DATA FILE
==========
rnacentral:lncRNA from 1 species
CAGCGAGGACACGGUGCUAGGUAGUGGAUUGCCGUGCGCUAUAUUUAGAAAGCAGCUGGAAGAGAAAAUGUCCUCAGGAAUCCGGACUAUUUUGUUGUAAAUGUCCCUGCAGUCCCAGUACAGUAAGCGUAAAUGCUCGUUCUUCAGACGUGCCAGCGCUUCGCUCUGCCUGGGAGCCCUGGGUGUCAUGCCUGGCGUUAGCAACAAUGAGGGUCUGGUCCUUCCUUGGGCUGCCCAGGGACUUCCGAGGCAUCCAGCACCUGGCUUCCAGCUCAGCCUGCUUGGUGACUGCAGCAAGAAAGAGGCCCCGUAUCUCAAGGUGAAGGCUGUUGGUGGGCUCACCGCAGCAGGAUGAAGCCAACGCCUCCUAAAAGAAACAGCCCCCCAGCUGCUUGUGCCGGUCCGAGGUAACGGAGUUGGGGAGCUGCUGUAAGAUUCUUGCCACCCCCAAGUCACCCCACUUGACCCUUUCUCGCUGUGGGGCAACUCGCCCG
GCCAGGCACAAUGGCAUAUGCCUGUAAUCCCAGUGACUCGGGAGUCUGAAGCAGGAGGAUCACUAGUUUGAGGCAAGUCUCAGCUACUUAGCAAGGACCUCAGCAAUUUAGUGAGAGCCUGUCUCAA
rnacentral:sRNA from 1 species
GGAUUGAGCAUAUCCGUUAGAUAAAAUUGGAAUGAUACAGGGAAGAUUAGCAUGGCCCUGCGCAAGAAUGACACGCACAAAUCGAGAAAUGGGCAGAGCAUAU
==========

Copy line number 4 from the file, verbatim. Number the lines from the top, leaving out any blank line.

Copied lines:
rnacentral:sRNA from 1 species